WASHINGTON – NBA center Jason Collins made history today by becoming the first male athlete in one of the major professional sports in the U.S. to come out.
Sports Illustrated went live online today with the story, which will not appear in the print edition until May 6.
Collins co-authored the story with Franz Lidz. Here is a sampling of the article:
I'm a 34-year-old NBA center. I'm black. And I'm gay.
I didn't set out to be the first openly gay athlete playing in a major American team sport. But since I am, I'm happy to start the conversation. I wish I wasn't the kid in the classroom raising his hand and saying, "I'm different." If I had my way, someone else would have already done this. Nobody has, which is why I'm raising my hand.
My journey of self-discovery and self-acknowledgement began in my hometown of Los Angeles and has taken me through two state high school championships, the NCAA Final Four and the Elite Eight, and nine playoffs in 12 NBA seasons.
I've played for six pro teams and have appeared in two NBA Finals. Ever heard of a parlor game called Three Degrees of Jason Collins? If you're in the league, and I haven't been your teammate, I surely have been one of your teammates' teammates. Or one of your teammates' teammates' teammates.
Now I'm a free agent, literally and figuratively. I've reached that enviable state in life in which I can do pretty much what I want. And what I want is to continue to play basketball. I still love the game, and I still have something to offer. My coaches and teammates recognize that. At the same time, I want to be genuine and authentic and truthful.
Why am I coming out now? Well, I started thinking about this in 2011 during the NBA player lockout. I'm a creature of routine. When the regular season ends I immediately dedicate myself to getting game ready for the opener of the next campaign in the fall. But the lockout wreaked havoc on my habits and forced me to confront who I really am and what I really want. With the season delayed, I trained and worked out. But I lacked the distraction that basketball had always provided.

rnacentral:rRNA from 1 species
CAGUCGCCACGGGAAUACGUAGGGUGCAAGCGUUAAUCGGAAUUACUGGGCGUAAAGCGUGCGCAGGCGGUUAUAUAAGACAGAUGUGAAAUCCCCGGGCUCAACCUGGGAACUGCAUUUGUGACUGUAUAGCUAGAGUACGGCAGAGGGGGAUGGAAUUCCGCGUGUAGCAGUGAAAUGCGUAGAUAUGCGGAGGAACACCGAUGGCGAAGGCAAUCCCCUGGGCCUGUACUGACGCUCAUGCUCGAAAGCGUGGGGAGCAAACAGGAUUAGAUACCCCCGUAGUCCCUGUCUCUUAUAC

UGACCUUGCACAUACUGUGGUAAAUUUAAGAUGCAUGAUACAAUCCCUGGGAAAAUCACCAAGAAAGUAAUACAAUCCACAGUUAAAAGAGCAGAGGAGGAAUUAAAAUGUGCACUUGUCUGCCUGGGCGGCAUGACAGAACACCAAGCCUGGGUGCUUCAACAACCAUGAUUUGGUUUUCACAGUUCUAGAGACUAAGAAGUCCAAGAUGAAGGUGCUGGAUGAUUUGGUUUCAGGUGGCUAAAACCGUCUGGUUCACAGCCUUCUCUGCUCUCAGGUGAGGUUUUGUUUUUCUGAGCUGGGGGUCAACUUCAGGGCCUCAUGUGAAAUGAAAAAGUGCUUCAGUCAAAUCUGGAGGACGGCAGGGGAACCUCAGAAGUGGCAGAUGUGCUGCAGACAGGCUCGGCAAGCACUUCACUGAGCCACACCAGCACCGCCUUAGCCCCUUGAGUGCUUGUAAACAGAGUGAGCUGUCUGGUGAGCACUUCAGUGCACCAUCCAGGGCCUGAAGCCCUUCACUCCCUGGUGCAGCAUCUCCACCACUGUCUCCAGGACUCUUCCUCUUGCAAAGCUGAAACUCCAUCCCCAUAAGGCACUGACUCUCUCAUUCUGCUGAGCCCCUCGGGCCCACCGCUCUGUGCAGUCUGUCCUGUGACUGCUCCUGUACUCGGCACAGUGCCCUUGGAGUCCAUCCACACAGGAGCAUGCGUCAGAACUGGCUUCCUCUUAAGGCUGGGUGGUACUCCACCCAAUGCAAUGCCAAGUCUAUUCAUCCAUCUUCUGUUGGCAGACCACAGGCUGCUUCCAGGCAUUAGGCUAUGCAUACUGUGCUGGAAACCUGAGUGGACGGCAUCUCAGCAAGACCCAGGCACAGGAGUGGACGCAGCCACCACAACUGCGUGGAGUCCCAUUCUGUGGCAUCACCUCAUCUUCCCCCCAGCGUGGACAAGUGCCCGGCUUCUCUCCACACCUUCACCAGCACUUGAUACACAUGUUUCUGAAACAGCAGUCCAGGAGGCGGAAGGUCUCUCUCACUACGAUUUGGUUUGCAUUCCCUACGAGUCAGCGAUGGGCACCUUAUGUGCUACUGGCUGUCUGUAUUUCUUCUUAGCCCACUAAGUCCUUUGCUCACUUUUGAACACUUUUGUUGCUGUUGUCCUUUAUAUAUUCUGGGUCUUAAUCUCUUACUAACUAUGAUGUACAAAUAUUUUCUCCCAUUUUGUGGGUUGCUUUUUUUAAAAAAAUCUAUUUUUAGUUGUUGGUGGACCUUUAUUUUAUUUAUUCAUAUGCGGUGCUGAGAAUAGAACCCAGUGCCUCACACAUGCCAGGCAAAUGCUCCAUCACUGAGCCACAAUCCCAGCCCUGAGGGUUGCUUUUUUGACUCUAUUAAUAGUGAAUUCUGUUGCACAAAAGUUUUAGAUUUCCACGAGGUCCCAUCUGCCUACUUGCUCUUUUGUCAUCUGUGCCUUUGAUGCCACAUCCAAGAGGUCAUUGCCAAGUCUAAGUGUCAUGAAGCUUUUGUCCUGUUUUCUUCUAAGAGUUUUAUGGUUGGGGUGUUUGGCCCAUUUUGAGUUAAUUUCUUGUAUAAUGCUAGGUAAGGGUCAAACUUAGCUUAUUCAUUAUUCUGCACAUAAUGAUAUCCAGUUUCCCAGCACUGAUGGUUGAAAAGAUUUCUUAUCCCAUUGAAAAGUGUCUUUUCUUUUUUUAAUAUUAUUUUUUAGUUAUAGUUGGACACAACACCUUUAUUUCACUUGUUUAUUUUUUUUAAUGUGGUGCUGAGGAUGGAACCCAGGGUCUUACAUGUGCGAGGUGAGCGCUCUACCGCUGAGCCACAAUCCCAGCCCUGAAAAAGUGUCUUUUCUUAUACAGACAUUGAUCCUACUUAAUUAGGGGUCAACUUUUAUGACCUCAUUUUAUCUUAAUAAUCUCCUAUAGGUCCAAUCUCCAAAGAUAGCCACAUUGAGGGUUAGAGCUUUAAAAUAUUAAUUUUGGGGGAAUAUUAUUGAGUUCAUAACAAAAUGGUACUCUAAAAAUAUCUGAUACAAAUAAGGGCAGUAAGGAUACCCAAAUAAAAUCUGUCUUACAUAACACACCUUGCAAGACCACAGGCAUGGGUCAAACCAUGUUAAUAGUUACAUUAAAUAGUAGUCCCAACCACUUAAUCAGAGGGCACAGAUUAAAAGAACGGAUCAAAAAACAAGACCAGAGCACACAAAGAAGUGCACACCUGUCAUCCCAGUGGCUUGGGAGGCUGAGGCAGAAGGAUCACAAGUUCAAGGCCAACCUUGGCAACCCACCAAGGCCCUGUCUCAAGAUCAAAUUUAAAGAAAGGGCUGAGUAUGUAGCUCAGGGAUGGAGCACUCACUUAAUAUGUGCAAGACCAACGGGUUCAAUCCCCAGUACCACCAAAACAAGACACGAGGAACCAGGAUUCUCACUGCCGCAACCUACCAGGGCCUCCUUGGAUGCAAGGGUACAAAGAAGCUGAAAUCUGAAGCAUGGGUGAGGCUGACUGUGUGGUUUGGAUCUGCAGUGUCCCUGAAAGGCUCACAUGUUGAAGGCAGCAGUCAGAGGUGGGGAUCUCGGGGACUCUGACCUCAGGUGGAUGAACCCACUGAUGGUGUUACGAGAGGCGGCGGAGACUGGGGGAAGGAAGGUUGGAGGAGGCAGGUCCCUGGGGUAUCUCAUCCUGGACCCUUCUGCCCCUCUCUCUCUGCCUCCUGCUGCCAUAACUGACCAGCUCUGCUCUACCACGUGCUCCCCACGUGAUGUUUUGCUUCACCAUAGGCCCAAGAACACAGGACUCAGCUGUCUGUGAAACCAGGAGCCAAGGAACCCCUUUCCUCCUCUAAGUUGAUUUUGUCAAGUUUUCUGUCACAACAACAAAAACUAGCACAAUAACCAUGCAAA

Chad Griffin, president of the Human Rights Campaign, hailed the announcement.
“With his brave and honest announcement today, Jason Collins has forever changed the face of sports. No longer will prejudice and fear force gay athletes to remain silent about a fundamental part of their lives. By coming out and living openly while still an active NBA player, Collins has courageously shown the world that one's sexual orientation is no longer an impediment to achieving one's goals, even at the highest levels of professional sports," Griffin said.
“Jason Collins’ commitment to living openly is a monumental step forward toward greater equality and he immediately becomes a role model for youth all across this country. His actions today tell LGBT young people that what will define our success in life is our character and dedication, not our sexual orientation. At a moment when millions are reflecting on the life and legacy of Jackie Robinson, Jason Collins is a hero for our own times," he said.
“Today's announcement again shows that gay Americans are our teachers, police officers, nurses, lawyers and even our professional athletes. We contribute to every aspect of our American community and deserve the same equal rights as every American,” Griffin said.
Former President Bill Clinton tweeted: "I'm proud to call Jason Collins a friend." Collins went to college with Chelsea Clinton, and he is a friend of the family.
Chesea Clinton tweeted: "Very proud of my friend Jason Collins for having the strength & courage to be the first openly gay player in the NBA."
Jason Collins' twin brother, Jarron, said today: "I've never been more proud of him."
NBA Commissioner David Stern also says he is proud of Jason Collins: "As Adam Silver and I said to Jason, we have known the Collins family since Jason and Jarron joined the NBA in 2001 and they have been exemplary members of the NBA family. Jason has been a widely respected player and teammate throughout his career and we are proud he has assumed the leadership mantle on this very important issue."
Lakers star Kobe Bryant tweeted: "Proud of @jasoncollins34. Don't suffocate who u r because of the ignorance of others #courage #support #mambaarmystandup #B."
NBA star Steve Nash tweeted: "The time has come. Maximum respect."
Baron Davis tweeted: "I am so proud of my bro @jasoncollins34 for being real."
Rugby legend and ally Ben Cohen tweeted: "Congrats and its Great to see NBA player Jason Collins comes out as gay, first active athlete in the USA big Leagues!!!"
Openly gay singer Lance Bass tweeted: "Congrats @jasoncollins34!! Giant leap for sports - and the conversation continues!"
To read the full story, click HERE.